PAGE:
Cardboard communities hold hopes and dreams

Audience engagement is central to creating the cardboard villages, like this one from the Auckland exhibition.

By Danielle Kutchel

Migration becomes art in a new exhibition coming to Bunjil Place this summer.

The Home/Land: Project Another Country exhibition invites participants to build communities of dreams using cardboard.

That material forms an important part of the work, co-creator Isabel Aquilizan says.

“Our work is also about materials and how materials relate to ideas. In a way, it becomes part of the meaning of the work.

“Cardboard is probably one of the materials I think relates directly to movement, relocation and dislocation. It’s also an unassuming material; you can give anyone cardboard and start making things out of it,” the artist says.

There’s also a personal aspect to the exhibition. Ms Aquilizan and her husband Alfredo, the exhibition’s co-creator, moved to Australia in 2006 with their belongings contained in just 12 boxes. Thus, the exhibition draws on their own feelings and knowledge of the transient process of moving and setting up a new home.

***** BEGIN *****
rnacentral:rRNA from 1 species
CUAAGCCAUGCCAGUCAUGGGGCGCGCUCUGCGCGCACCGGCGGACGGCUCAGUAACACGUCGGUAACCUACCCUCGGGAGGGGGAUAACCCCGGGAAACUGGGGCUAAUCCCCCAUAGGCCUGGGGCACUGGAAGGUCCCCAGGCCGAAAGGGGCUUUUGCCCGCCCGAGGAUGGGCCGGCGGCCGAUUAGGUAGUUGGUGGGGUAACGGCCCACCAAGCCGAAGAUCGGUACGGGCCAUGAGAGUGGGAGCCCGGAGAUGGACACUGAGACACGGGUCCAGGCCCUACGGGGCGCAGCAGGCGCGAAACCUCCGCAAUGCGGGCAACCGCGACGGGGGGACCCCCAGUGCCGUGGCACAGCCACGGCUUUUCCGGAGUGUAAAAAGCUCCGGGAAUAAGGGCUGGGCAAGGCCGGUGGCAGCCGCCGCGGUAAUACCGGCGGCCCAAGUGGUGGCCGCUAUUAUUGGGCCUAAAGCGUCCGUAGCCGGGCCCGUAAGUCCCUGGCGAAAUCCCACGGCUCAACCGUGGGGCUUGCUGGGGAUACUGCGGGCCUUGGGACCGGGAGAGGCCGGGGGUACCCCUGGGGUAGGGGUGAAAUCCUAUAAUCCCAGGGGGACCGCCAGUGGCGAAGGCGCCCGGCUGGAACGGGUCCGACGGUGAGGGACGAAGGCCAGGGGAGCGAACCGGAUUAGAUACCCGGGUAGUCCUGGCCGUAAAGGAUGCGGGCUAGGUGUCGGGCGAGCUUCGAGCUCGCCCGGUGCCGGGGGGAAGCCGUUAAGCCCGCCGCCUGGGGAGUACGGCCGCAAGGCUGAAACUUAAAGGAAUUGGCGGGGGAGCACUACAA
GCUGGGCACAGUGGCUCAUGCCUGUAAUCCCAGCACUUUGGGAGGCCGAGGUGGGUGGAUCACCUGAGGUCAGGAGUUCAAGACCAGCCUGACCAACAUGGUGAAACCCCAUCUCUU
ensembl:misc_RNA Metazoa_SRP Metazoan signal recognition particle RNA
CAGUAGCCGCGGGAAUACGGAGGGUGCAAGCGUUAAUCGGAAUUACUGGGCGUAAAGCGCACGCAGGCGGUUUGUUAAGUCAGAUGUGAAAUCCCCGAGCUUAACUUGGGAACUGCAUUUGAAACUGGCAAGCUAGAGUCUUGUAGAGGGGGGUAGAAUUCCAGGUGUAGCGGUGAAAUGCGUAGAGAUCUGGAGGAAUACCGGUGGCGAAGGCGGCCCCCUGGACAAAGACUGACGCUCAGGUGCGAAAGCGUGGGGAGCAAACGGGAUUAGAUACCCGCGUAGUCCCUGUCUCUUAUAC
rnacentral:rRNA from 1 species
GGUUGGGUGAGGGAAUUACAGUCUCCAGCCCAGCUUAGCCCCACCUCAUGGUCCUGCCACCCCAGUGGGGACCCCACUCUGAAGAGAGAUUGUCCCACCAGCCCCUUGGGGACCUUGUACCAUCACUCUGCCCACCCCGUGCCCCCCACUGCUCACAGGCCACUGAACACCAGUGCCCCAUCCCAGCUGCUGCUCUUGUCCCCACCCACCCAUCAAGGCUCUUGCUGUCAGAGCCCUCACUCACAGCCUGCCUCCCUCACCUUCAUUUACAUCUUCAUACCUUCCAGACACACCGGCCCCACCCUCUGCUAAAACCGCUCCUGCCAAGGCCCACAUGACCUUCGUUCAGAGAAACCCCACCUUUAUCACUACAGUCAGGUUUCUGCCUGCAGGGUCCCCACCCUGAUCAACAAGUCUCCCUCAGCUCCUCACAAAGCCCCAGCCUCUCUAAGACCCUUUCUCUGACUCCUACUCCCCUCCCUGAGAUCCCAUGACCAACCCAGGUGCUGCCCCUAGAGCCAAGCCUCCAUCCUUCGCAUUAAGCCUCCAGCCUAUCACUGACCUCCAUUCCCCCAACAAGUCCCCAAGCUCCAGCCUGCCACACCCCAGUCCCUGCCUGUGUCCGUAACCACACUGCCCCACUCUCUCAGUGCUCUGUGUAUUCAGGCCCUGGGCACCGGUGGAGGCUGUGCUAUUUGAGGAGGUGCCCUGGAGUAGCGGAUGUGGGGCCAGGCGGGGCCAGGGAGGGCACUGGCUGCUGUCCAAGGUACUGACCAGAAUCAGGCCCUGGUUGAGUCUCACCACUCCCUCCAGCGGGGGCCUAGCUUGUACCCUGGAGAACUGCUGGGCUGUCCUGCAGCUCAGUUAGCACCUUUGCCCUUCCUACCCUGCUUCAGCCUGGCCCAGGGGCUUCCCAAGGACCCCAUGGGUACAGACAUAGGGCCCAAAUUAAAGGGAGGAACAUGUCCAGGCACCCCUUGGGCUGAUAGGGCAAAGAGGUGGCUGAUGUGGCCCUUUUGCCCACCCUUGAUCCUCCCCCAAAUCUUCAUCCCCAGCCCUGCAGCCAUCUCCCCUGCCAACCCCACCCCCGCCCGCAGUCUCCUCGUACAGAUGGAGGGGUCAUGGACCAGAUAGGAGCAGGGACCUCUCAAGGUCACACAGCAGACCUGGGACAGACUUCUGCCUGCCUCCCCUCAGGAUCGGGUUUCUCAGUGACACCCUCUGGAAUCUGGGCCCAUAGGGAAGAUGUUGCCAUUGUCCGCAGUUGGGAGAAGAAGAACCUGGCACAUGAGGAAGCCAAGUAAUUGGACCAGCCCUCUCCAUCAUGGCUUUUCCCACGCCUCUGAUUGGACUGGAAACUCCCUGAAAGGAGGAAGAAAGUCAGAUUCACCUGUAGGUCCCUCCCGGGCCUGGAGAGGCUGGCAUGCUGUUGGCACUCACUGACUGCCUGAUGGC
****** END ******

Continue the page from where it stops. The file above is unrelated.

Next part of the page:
To prepare for the exhibition, the duo hold workshops where members of the community are asked to make their dream home out of cardboard, using packing tape and knives. Some people add cars, gardens and pets to their creation. Eventually, a cardboard village is created, representing the hopes, dreams and needs of those present.

The project has been exhibited all over the world, including in New Zealand, Japan and China, and each exhibition is unique as it takes on the flavour of the location it is in and the people whose hands have worked on it.

The Aquilizans then put the works together in the chosen exhibition space before throwing open the doors to the public.

“One of the most important aspects of the work is engagement with the audience. I think through that engagement, the narrative and meaning of the work multiplies through each individual who relates to the objects according to their experience and background and where they come from,” Mr Aquilizan explains.

“The meaning of the work, in a way, is not static but goes on in the minds of every individual who engages in the work.”

The Home/Land: Project Another Country exhibition will open at Bunjil Place Gallery on 14 December 2019, running until 8 March 2020.

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